Hey Brother, can I borrow $100k?
Why lend candidate money rather than donating it outright? Especially when there are no apparent tax benefits and the chances of ever being fully paid back seem something of a long shot? After all, in terms of reporting it’s all the same thing to the Illinois State Board of Elections whether funds come as a contribution, a loan or an in-kind.
It is a question that could be asked to Chicago Alderman Ed Burke and former Illinois Senate President Emil Jones, both of whom have made significant loans to advance the bid of Democratic gubernatorial candidate Pat Quinn.
Quinn is in deep in hock to committees affiliated with Ed Burke. In January 2010, Burke’s political committee and his Burnham committee each loaned Quinn 100K, while Burke’s 14th Ward Regular Democratic Committee ponied up $50K. Over the past few weeks, Burke’s committee and Burnham have each loaned another 100K to the Quinn Committee bringing the grand total to $450K.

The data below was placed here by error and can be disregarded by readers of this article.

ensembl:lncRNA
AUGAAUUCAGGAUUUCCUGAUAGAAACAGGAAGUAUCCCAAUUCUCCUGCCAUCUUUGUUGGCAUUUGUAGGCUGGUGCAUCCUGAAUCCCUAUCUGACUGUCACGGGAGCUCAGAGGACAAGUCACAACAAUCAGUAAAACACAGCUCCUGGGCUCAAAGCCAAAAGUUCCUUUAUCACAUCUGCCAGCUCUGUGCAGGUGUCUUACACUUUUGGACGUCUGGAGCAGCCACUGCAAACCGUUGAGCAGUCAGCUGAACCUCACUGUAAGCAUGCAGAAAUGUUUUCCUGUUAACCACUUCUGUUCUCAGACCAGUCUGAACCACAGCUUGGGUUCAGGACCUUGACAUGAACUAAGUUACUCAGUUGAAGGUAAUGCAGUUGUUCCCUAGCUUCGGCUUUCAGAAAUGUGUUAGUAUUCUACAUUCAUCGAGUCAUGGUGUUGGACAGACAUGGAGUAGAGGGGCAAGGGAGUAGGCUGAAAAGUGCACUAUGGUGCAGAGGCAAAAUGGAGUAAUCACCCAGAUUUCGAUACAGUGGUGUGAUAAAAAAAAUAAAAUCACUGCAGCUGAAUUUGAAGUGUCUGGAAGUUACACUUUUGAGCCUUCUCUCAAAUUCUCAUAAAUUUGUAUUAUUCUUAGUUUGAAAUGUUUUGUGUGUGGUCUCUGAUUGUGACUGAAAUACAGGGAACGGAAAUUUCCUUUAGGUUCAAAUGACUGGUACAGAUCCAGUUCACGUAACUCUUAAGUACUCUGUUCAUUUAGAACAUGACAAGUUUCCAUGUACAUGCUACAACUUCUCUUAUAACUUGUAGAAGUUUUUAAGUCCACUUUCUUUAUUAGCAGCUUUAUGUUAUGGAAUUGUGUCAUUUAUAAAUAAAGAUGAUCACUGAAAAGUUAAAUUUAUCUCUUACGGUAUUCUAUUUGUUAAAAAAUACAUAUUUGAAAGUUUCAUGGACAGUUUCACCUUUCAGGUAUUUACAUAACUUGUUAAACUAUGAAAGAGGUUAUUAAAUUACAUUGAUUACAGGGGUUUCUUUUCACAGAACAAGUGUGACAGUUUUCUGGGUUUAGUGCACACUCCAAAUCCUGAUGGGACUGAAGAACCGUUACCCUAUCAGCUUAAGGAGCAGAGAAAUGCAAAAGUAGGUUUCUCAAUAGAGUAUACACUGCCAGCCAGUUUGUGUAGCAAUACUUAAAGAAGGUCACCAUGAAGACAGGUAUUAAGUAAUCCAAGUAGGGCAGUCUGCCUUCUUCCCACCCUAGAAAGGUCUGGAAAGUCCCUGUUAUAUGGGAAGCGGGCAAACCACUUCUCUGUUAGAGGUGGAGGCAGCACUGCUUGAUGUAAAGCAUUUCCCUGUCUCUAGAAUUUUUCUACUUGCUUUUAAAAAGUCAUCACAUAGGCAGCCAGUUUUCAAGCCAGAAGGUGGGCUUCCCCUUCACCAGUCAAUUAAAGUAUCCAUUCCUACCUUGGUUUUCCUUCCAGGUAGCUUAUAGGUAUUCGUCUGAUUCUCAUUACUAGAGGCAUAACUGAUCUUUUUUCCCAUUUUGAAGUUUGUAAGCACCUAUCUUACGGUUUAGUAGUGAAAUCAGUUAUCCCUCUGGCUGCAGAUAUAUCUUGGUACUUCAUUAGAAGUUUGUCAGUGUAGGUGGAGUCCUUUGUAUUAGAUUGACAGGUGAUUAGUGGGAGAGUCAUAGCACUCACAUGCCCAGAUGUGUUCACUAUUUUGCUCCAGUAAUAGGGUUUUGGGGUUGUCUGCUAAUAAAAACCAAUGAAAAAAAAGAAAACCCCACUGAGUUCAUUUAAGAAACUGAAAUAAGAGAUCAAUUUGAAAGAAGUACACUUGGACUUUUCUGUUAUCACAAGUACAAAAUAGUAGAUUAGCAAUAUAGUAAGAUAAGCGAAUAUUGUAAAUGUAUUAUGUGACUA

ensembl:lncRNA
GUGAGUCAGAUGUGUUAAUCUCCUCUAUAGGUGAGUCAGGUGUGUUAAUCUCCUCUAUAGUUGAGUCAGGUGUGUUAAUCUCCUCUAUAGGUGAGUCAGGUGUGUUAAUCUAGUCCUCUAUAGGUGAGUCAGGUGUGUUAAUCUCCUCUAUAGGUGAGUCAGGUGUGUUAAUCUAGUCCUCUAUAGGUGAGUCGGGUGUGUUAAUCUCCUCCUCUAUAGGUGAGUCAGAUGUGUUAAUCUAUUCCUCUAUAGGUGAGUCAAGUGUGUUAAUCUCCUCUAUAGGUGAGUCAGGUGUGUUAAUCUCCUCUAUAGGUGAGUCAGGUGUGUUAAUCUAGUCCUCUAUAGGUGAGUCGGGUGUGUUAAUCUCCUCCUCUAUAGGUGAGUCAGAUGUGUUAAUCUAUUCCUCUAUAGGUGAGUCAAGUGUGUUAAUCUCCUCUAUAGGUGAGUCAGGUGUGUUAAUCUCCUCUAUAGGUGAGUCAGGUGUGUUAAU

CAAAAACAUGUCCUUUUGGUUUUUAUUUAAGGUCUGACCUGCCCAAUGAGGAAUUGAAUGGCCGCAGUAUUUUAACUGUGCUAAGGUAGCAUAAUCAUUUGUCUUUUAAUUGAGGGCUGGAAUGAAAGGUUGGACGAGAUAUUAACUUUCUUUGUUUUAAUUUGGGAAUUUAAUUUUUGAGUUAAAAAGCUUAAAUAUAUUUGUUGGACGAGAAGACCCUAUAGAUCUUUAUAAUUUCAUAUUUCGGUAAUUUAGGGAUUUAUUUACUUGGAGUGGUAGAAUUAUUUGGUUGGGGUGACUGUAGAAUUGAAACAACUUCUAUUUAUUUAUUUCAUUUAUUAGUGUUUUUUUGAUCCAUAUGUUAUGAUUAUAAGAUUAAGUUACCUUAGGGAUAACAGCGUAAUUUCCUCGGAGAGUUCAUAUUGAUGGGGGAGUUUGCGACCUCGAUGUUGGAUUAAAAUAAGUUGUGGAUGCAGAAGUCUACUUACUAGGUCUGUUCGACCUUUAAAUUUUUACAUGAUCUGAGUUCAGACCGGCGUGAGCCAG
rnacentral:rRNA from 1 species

Emil Jones has also been providing financing for the campaign. This month Jones has loaned the Quinn campaign $200K; he loaned an additional $150K in January 2010, leaving Quinn with a note for $350K.
It adds up to a lot of money, and no doubt the Quinn campaign is happy to have it even in the form of a loan, especially considering that Emil Jones didn’t appear to be a big Pat Quinn fan when he was Senate President.
Maybe the better question is why a candidate would solicit and/or accept a loan which by definition is something that is supposed to be paid back in full. Are there strings like interest rates or due dates? Is payment only expected if the candidate wins the election? Are they concerned about giving new meaning to the idiom “pay back is hell?”